with The Intelligence & Whatever Brains
For some reason
I have the hardest time getting myself to Duke Coffeehouse shows, most
likely because if I don't buy advance tickets it can be real hard to motivate me off the couch, and
as near as I can tell they never do advance tickets. Even when I know a show won't sell out, it can be tough to convince my
paranoid self that I'll get in for sure. And nothing worse than driving to Durham or Chapel Hill and then getting turned
did not happen this evening. I did get there a little late
though, and only caught the last couple of songs by Whatever Brains. Still, it
fulfilled my requirement of seeing them at least once monthly.
They appear to be playing with two keyboard players now - the young dude is now back in the band (I
think he left town for school or something?), and the older dude continues to be in the group, so now it's like a synth
band covering Whatever Brains. Or Whatever Brains creating new Emerson, Lake and Palmer tracks. Not that I'm
complaining, because like everything they do it's the greatest thing ever. Whatever Brains 4 eva.
I'm not sure if A-Frames are just
one of the greatest punk bands of all time, or one of the greatest
any-genre bands of all time, but Lars Finberg of A-Frames is the driving force behind The Intelligence and that was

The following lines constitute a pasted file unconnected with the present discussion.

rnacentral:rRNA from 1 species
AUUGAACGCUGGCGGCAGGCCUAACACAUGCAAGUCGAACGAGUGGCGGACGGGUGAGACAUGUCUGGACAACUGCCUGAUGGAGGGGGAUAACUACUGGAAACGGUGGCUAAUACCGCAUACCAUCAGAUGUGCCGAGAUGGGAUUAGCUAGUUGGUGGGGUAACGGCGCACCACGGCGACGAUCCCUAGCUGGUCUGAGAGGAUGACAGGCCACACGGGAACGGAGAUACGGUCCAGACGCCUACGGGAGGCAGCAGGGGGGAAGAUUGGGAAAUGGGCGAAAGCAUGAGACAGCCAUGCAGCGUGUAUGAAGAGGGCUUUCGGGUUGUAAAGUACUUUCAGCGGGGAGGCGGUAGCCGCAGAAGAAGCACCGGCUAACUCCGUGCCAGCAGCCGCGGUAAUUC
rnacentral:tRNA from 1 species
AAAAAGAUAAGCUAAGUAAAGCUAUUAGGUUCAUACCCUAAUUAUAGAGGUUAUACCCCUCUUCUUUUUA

all the reason I needed to make sure I saw all of their set. I can't say I feel as
strongly about them as I do the A-Frames, but they're still a damn fine band and with Lars in front the comparisons are
obvious. They also have a pretty strong garage-surf vibe, and that coupled with the gal laying heavy on the keys could dredge up
a Quintron comparison as well. After seeing Intelligence live I'm definitely inspired to dive into their records a
little more. And as an additional piece of information for the trivia minded, instead of keyboard stands the band used a
couple of foldable walkers to hold up their gear...pretty damn smart actually, and much much cheaper.
The closer was
one of the new hot shit bands of the garage punk world, King Tuff. The main dude
behind the band, Kyle Thomas, gets around - he plays in a number of bands but most
with J Mascis. King Tuff is his high water mark in my opinion, and this was particularity highlighted
with this year's self-titled record on Sub Pop - one of my favorite releases of 2012. They fittingly get lumped in
with the other garage-pop bands on the scene, but live I really saw a side of them accented that doesn't stand out as strongly
on their records - the serious glam streak running through their jams. Lots of "hot lixx" on the guitar from
Thomas, and obvious influences from Slade, Mott the Hoople and even Kiss that really popped on this night. As catchy
as I find their most recent record, live somehow those same songs work even better. Here's to the Tuffs making a return
trip to our area very soon, cause I need more of this.